On the last one, yesterday, I finally asked them not to ship a replacement or give me a refund as it just seems so pointless. Either way I don't have what I ordered, I don't have it when they "guaranteed" it would be delivered, and you have to go through several levels of customer service to get to anyone who isn't just using a canned response. Which is easy to identify when you are having to deal with them this often.

As I pointed out to them, I notice that of all the issues I've had most of the lost items have been through USPS (i.e. the Postal Service) and the late deliveries have been through UPS. Which leads me to suspect that FedEx is charging more (hence the reason Amazon doesn't select them as often) for a better service.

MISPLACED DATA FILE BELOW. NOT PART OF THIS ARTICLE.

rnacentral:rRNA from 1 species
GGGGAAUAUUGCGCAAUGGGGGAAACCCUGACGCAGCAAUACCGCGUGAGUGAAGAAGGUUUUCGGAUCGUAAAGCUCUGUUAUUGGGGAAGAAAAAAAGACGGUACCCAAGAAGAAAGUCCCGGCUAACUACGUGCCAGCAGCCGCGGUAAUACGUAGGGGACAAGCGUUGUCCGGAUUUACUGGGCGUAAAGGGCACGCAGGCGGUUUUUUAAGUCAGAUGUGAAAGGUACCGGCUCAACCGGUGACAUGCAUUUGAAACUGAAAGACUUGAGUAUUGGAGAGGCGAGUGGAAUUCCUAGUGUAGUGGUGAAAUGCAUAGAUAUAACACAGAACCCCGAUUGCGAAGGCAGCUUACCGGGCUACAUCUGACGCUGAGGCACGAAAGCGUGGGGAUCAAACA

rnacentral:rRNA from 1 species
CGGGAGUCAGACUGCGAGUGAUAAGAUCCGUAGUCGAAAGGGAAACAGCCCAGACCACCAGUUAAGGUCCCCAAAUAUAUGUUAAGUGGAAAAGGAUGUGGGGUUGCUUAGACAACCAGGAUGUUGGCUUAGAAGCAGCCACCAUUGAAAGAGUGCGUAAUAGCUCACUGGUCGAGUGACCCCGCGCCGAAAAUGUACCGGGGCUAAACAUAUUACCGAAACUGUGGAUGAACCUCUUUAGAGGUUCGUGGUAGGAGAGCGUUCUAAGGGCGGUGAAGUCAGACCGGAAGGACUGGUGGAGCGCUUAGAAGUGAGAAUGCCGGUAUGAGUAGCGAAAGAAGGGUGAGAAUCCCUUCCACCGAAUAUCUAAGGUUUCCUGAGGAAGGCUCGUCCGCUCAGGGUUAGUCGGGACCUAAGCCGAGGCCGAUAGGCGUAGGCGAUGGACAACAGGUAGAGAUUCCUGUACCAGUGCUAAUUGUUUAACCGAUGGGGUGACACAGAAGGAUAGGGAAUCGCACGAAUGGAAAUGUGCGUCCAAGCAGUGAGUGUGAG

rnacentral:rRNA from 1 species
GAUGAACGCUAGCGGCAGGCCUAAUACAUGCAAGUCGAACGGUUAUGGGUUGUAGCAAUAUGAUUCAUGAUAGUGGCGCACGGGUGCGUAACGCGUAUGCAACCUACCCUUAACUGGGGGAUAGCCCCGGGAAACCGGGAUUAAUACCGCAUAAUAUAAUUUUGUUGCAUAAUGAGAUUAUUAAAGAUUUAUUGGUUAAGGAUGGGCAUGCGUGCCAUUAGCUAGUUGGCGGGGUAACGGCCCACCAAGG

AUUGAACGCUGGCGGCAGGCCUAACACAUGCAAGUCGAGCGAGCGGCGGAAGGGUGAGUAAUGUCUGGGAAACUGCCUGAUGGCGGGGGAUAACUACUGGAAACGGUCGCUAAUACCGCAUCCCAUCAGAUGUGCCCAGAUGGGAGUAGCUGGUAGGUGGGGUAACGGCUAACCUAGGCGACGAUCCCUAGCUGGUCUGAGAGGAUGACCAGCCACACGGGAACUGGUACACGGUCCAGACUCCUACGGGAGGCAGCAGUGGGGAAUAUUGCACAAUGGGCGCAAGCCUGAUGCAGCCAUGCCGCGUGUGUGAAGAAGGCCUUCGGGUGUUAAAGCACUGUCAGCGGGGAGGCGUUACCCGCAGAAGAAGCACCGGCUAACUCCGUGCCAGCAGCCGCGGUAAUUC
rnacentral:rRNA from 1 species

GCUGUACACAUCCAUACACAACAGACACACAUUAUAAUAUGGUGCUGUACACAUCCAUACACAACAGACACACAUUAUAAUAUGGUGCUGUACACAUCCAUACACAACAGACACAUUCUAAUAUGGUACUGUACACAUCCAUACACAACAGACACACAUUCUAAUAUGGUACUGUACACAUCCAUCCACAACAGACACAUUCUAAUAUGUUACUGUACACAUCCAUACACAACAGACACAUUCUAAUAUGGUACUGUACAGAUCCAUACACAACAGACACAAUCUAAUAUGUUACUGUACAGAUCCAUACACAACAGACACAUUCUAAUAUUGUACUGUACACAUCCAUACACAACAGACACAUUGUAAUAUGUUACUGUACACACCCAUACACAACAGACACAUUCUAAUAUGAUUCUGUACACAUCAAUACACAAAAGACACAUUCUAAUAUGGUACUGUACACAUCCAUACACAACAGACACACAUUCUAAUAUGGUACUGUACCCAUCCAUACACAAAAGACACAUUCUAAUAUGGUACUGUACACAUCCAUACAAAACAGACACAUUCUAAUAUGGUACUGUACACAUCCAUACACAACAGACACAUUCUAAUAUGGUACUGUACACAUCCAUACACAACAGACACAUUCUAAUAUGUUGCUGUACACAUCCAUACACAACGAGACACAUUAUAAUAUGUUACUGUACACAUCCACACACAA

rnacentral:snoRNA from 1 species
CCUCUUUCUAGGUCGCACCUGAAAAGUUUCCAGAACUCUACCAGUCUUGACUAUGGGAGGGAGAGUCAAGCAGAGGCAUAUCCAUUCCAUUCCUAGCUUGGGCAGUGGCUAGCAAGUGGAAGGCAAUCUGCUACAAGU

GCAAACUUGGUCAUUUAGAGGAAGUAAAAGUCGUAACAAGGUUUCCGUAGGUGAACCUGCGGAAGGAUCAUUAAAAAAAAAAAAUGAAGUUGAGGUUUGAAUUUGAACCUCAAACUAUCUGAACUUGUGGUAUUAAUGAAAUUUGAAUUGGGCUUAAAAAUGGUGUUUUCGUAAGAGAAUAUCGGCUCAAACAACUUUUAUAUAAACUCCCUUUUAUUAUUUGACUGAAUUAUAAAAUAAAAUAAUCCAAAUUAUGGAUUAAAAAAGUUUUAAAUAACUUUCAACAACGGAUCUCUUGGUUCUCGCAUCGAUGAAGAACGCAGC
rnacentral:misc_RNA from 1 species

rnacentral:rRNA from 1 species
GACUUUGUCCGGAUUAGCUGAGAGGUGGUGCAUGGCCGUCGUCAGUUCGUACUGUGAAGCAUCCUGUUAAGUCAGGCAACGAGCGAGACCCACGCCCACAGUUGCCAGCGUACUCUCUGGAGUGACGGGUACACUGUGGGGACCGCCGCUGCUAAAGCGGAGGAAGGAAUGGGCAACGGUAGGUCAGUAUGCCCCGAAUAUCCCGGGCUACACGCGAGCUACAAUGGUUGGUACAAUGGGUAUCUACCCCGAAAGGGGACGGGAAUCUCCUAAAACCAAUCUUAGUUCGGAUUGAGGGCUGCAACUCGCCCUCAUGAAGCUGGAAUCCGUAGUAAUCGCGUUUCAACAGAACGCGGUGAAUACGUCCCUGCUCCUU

Sadly, I remember back to when I first started using Amazon and would get a gift each year as a thank you for being a customer. I guess it's time to find some other place where they aren't so busy adding new services and instead can concentrate on actually doing what you are paying them for and doing it exceptionally well. When I start having to order from WalMart because Amazon isn't reliable enough, I think that speaks to a failure on Amazon's part pretty loudly.

Saturday, February 14, 2015

Why I wish Firewire had caught fire - USB Bus saturation

Many moons ago, I tried to make sure that any external drives I got used Firewire either as their primary interface, or as an interface option. When I last replaced drives about two years ago, that became next to impossible, and so now I go with USB 3.